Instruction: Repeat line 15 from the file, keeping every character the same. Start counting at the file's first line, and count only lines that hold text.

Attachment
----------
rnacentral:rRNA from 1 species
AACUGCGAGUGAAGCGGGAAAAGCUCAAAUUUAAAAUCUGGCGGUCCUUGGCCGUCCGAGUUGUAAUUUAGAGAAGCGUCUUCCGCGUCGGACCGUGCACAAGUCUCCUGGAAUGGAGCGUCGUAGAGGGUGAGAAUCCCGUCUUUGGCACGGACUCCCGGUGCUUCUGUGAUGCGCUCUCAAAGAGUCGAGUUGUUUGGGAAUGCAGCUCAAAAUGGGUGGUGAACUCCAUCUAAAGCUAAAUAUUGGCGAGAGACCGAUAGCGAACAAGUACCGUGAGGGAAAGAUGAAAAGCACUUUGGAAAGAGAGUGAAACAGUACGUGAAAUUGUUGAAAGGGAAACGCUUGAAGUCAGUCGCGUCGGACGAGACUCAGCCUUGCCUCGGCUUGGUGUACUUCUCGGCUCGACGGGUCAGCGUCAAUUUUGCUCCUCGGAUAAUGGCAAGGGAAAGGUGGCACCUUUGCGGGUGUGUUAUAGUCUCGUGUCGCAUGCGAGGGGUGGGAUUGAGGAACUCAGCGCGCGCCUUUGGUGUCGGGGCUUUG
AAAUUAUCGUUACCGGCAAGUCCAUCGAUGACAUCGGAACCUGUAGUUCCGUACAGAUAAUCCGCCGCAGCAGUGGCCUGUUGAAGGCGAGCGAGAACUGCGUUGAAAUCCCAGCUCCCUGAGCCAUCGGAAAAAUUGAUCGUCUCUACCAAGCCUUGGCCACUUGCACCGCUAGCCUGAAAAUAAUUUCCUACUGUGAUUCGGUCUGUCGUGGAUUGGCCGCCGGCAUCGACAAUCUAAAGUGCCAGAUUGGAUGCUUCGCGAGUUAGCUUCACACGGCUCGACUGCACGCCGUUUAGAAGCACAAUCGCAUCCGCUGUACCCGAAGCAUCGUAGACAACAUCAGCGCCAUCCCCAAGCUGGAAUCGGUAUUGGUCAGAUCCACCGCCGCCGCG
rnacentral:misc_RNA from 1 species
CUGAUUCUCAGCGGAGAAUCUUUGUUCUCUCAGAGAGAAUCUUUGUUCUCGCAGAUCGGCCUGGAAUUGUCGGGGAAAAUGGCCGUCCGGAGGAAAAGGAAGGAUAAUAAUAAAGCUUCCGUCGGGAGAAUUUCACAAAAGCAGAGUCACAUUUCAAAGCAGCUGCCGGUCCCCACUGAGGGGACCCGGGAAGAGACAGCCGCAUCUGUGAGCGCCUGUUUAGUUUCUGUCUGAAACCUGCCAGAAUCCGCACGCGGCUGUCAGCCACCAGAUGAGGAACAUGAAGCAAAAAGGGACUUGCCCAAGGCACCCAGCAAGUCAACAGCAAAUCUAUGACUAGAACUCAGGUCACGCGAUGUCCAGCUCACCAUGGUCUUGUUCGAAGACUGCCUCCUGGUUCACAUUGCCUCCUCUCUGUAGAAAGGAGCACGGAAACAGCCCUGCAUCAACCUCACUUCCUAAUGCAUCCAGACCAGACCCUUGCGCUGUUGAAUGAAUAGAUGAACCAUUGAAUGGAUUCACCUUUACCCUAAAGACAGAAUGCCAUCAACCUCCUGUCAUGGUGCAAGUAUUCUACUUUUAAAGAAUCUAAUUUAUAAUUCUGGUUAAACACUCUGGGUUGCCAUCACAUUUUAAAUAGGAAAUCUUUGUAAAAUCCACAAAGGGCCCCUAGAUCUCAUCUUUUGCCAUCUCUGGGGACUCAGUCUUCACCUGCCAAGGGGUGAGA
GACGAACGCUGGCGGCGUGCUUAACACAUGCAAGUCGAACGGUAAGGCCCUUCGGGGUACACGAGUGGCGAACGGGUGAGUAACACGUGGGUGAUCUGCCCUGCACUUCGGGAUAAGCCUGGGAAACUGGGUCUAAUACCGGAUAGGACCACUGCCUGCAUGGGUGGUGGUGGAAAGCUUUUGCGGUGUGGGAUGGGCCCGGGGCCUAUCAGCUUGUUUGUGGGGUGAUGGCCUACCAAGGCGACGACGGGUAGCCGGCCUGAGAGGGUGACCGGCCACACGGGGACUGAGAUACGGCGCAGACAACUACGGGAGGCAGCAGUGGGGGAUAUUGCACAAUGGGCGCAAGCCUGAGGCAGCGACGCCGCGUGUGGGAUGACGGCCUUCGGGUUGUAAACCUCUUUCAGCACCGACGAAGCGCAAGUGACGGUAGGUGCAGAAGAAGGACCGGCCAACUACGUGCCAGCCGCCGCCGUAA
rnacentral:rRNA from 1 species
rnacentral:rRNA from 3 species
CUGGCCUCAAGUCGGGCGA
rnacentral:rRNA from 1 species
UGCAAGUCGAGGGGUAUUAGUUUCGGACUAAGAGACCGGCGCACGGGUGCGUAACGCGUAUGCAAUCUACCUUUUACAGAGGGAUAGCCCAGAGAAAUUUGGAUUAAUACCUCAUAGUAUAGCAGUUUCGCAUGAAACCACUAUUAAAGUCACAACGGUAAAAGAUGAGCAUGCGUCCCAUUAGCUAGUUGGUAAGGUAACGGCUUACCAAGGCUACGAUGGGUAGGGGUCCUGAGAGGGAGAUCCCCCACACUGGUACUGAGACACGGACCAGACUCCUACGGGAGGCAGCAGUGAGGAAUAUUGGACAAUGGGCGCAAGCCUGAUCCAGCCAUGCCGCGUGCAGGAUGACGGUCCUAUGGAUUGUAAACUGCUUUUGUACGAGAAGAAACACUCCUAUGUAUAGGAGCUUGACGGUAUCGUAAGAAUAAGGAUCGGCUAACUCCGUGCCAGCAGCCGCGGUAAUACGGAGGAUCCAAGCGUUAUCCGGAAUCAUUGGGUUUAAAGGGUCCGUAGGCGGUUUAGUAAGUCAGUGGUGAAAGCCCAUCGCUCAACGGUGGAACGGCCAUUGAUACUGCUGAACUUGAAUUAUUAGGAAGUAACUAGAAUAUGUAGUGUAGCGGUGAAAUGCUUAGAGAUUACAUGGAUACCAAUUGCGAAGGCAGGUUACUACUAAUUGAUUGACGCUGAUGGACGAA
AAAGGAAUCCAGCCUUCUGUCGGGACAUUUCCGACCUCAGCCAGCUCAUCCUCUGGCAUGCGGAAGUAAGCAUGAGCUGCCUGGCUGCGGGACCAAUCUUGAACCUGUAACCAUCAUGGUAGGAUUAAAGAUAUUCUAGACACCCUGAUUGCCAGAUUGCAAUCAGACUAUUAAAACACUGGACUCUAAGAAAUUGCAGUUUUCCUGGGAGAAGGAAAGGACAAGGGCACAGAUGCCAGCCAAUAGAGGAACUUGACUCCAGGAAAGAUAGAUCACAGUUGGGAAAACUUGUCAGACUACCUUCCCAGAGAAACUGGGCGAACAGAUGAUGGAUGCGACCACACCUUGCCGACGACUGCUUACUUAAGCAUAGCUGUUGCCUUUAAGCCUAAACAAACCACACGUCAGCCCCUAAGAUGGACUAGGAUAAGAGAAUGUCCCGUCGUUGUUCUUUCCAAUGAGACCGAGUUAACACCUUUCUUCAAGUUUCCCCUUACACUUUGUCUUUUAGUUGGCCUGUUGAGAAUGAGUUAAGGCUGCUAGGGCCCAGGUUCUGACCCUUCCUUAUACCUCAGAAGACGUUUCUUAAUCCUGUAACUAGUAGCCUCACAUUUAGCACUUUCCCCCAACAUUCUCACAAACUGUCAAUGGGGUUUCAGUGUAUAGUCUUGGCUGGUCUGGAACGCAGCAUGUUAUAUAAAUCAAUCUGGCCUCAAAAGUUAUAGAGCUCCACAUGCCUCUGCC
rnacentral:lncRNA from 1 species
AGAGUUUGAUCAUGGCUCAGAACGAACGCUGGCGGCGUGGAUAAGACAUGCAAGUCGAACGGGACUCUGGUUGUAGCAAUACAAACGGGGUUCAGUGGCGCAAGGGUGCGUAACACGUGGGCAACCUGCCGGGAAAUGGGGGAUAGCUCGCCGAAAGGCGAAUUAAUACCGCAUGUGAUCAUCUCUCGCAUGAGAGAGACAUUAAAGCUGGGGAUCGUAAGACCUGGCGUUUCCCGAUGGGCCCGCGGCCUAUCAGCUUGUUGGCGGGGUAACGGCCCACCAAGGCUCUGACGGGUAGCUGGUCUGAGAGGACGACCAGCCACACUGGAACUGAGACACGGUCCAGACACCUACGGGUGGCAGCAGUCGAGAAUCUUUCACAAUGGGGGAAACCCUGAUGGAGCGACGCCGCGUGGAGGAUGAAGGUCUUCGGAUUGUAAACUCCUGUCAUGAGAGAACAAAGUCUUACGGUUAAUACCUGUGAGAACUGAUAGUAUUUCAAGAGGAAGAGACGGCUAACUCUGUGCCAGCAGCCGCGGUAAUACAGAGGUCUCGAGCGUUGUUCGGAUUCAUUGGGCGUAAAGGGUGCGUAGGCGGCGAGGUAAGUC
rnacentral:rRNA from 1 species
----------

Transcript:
rnacentral:rRNA from 1 species